For a few years now, there’s been a great focus at adidas on ‘creating the new’. This has been a powerful calling, as well as a challenge to step into – an aspiration that’s focused on creating change where perhaps people weren’t expecting or even imagining it.
Similarly, the world of sport has always celebrated those who find ways to re-write the rules, or have the rules re-written as a result of their innovative input. Those who imagine new approaches and redefine what is possible. These shifts in how we understand the game – and what can be achieved as a result – free people up from their previous beliefs. They inspire new ways to explore what ‘great’ really looks like.
‘The new’ became the stimulus that re-imagined how we work, how we educate, how we share, how we consider our health, how we understand our obligation to society, and so much more. While there are regular, uninspiring calls for us to find the ‘new normal’ (even typing that depresses me a little!), I’ve been taken by the opportunity for us to ‘live the new’ and stay focused on the power of ‘renewal’, but on our own terms, rather than as a response to a collective mandate to do it.
So, with the permission to ‘live the new’ freshly in our minds, what role can this outlook play for us in 2021? How can we wrestle things back so that we’re focused on a ‘new’ that we’re inspired by, rather than one we’re forced to implement?
Living a new view of collaboration – coping as a team sport
Right at the very beginning of the pandemic, I saw many wonderful responses across so many organisations where people were just collaborating. There was no agenda other than to get things done. It didn’t matter who you were or how you did it, just so long as the things that needed to be done were done. For me, this set the bar for what collaboration should look and feel like within organisations, as it truly represents a focus on the greater good.
When no one is bothered about who gets the credit for success and there are no personal agendas to have to navigate, we all focus on coping together and looking out for each other’s welfare. Questions like “how can I help?” and “how can we help each other?” drive a greater sense of collaboration, which removes much of the normal interference present in everyday work and life.
I’ve seen great examples of coping as a team sport outside of work too, with online workout sessions creating a supportive environment for anyone – regardless of their level of experience – to stay fit and connected during lockdowns. Who’d have thought that doing workouts on a rowing machine via video conference could be so powerful?
For me, ‘living the new’ means that if we’re going to compete in any way from now on, it will be on the basis of who can be the most collaborative person in any endeavour. When competitive collaboration is the norm, we’ll have added something incredibly valuable to the spirit of our work and that by helping others, our own ability to cope and feel valued will grow.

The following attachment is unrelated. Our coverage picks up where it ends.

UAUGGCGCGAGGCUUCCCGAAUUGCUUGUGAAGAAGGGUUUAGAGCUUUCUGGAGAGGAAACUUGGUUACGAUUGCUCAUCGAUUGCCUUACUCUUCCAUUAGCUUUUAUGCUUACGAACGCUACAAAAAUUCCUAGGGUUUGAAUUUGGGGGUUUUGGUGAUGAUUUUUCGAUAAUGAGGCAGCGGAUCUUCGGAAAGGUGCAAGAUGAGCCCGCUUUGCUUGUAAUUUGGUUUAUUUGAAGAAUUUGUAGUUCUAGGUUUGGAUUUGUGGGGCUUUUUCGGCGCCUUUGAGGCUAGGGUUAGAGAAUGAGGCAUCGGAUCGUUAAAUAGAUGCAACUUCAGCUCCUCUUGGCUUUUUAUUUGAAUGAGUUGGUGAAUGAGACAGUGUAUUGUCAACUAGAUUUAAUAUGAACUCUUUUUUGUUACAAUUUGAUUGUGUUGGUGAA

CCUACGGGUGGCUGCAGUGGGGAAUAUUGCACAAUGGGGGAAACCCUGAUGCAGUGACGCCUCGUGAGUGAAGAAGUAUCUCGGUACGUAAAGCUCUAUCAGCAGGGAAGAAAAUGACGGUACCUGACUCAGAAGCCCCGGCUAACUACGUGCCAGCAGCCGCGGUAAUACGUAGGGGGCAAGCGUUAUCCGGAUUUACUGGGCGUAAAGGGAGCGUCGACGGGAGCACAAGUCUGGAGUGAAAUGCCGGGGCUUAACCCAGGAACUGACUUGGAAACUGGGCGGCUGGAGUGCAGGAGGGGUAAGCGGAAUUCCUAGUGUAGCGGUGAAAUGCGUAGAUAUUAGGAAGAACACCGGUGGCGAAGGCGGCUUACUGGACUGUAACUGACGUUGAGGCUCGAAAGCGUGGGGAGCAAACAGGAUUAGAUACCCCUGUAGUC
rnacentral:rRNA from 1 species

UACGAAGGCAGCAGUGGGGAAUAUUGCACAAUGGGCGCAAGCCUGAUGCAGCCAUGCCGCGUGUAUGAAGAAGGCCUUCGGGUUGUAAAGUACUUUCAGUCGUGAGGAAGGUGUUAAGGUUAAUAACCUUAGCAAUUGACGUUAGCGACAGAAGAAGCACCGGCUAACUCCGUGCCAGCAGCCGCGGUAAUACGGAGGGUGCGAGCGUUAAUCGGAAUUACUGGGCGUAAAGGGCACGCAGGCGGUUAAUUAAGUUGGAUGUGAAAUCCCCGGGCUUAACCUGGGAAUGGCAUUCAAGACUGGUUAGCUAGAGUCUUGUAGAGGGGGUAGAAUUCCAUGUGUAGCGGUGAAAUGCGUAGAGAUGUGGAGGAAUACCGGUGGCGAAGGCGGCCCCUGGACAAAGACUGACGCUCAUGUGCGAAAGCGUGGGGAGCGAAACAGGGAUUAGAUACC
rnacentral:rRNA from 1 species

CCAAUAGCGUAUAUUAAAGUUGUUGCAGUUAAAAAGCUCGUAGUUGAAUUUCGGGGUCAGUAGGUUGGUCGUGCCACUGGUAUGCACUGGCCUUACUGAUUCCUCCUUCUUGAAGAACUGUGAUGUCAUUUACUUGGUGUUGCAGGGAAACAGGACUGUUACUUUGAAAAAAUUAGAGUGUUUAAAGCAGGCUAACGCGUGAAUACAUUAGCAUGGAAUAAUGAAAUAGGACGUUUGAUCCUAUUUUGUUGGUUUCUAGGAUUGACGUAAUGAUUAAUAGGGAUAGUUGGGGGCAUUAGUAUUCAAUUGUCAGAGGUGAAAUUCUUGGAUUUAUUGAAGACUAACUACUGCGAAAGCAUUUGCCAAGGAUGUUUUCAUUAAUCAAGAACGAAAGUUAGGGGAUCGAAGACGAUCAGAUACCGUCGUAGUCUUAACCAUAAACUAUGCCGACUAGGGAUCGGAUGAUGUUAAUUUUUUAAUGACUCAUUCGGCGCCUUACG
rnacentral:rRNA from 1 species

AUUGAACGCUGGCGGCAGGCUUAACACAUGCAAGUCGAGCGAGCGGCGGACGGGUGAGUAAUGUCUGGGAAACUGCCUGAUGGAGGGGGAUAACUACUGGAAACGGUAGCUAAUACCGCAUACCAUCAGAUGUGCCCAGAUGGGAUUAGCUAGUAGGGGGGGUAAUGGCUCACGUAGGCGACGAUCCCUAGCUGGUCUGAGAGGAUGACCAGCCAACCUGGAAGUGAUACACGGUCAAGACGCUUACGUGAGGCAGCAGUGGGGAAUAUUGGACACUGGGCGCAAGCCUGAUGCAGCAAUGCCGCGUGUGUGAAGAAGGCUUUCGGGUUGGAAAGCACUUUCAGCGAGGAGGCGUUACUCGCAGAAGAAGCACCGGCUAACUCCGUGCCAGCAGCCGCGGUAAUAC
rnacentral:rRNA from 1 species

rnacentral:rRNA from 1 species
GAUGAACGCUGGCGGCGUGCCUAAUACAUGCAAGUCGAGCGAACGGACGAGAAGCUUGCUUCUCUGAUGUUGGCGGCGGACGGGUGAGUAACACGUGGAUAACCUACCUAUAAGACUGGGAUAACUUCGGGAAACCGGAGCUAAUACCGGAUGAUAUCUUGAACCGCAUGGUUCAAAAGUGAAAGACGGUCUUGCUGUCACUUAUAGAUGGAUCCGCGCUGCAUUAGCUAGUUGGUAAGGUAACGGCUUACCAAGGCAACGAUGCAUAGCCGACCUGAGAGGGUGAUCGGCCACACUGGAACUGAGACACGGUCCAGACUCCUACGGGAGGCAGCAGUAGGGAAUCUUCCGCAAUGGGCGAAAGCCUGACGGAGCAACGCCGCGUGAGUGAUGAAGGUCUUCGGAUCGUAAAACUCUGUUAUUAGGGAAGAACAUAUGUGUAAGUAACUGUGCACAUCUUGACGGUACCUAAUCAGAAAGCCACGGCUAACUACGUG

I’ve been running a programme that is all about how to win when there is no finish line. This programme was designed before the pandemic, but has taken on more relevance because the certainty we once had about future rhythms and rituals has been destroyed.
I recently read a great article by Alex Hutchinson (@sweatscience) on the role of ‘teleoanticipation’ in sport, which studies the science of how finish lines affect physical and mental performance. In the article there’s a critical link to my new programme which creates:
- A new way of defining success
- An understanding of how to look after your body when there’s no finish line
- An insight into the importance of ignoring finish lines, even when there are ones
The article highlights the importance of asking yourself the simple question “can I keep going” as the key to managing yourself when there is no finish line. This replaces the question of “can I get to the finish?” (which in turn spawns other questions such as “will I be happy at the finish line?”, “will I get there quick enough?” or “will everybody else be happy with me when I get to the finish line?”).
Interestingly, when you ask yourself this question, your heart rate and perceived effort typically drops, meaning your body is being more efficient. In contrast, “will I get to the finish?” does exactly the opposite, meaning you’re under more stress, both mentally and physically.
As I look at how we can approach 2021, it seems we have the ideal opportunity to set ourselves up for defining success based on how well we can keep going by taking things one day at a time. If we can combine this with a more collaborative way of working, then collectively we can reduce how hard things feel, as well as taking the strain off our bodies.
Finishing lines will become something we just pass by as we keep going in a way that keeps us all happy, healthy and maintaining sustainable progress. Our individual and collective sense of success will be based upon how well we can simply answer ‘yes’ to the question of keeping going. Knowing that we’re giving ourselves the best chance to use our talents and energy wisely will give us all the confidence we need to progress with purpose and togetherness.
Instead of us being in a race to burnout, we’ll be competing for the title of most efficient and sustainable performer. That for me feels like a ‘new’ to act on right now.